Report on Sixth Lausanne International Researchers’ ConferenceBy Peter Brierley
June / July 2011
The first International Researchers' Conference (1987) was held in Holland, the second (1996) in the U.K., the third (2001) in Thailand, the fourth (2005) in Cyprus, the fifth (2008) in Australia, and now the sixth (2011) has been held in Brazil. We are already making plans for the seventh in 2014!
The conference was held in Atibaia, a town just outside São Paulo, the fifth largest city in the world (with nineteen million people) in the fifth largest country. More than fifty participants were registered. Twenty different nationalities were present. Eighteen papers were presented and two keynote addresses were given.
Bertil Ekstrom, general secretary of the Missions Commission of the World Evangelical Alliance, gave a majestic opening keynote address on “Mission in the Second Decade in the Third Millennium,” noting that missions is changing with a fast-changing world, taking his definition of missions from Chris Wright’s work on the primacy of redemption. He focussed on two key elements—contextualisation and risk-taking—which he rephrased as incarnation and obedience. “What this sorry world needs today is life, welfare, and non-violence,” he said, focussing on the prophet Jonah who would not take a risk. “Mission is not just one aspect of the management of the Kingdom of God,” he insisted. “It is the Kingdom of God.”
Todd Johnson gave the second keynote address, outlining some of the major features and findings of the Atlas of Global Christianity and the implications for church and mission. Some of his statements were particularly challenging: “Eighty percent of Muslims, Buddhists, and Hindus in the world have never met a Christian person,” he said. Additionally, the global South has sixty percent of all the Christians, but only seventeen percent of Christian resources. He also illustrated that while the global South is growing in numbers of Christians, it is often growing with many of the characteristics of northern culture. He indicated there were now forty-five thousand denominations in the world, most of them Protestant.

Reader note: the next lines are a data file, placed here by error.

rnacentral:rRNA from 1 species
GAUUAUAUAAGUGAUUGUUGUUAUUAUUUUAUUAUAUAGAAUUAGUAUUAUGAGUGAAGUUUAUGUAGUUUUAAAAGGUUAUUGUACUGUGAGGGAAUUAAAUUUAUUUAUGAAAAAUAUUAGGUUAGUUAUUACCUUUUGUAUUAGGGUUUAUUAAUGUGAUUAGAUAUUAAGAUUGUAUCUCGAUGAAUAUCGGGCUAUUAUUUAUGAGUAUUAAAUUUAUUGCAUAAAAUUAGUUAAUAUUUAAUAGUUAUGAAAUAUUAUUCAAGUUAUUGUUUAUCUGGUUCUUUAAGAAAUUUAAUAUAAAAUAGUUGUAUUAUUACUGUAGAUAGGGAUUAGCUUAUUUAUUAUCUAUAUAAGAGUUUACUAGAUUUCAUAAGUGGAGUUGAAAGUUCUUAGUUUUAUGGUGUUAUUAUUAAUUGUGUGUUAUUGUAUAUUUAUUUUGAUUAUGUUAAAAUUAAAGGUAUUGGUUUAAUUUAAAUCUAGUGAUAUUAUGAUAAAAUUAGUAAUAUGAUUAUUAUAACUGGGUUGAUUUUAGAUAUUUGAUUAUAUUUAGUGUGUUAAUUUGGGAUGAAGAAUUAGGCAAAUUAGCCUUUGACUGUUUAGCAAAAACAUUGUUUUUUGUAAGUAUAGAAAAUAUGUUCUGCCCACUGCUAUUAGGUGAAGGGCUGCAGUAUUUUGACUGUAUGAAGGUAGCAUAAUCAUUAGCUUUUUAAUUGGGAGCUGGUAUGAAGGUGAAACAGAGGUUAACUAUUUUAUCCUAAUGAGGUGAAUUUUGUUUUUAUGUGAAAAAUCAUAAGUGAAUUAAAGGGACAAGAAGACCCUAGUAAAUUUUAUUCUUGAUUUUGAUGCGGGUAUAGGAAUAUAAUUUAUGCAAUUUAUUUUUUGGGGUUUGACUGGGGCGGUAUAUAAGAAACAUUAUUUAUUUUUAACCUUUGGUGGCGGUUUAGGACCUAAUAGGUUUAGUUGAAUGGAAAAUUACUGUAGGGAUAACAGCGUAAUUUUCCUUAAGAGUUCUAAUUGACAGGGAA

Papers covered a variety of subjects, including:
- A Kazakhstan church survey
- Brazilian disabled people groups
- Global religious trends
- The best ways of church planting in Muslim communities
- The importance of narrative to explain research findings
- The current beliefs of U.K. evangelicals
- Diaspora missions
- Using Sinus Milieus in church development
- Bible engagement
- Trends in Australian family life
- Natural disasters
- Muslim discipleship
- Consumerism in the Christian faith
- Young people’s attitudes to the Bible
Many of these papers can be found at www.lrin.org.au. While the basic language used was English, all proceedings were also translated into Portuguese. Everything was also filmed, and all presentations are on DVD; purchase details are available by emailing firstname.lastname@example.org.
It was a worthwhile time, with many of us anxious to repeat the experience in 2014. These kinds of international gatherings facilitate fellowship, give new thoughts on methodology, focus on key findings which are relevant in a much wider context, and challenge us to continue to seek to understand more of the ways in which the Lord is building his Church.
Dr. Peter Brierley, a church consultant, is the Senior Lausanne Associate for Church Research. He attended Lausanne I in 1974 and has been involved with the Lausanne movement since 1984. He is former executive director of Christian Research, a UK charity which produces resource volumes like Religious Trends and the UK Christian Handbook. Brierley can be reached at email@example.com.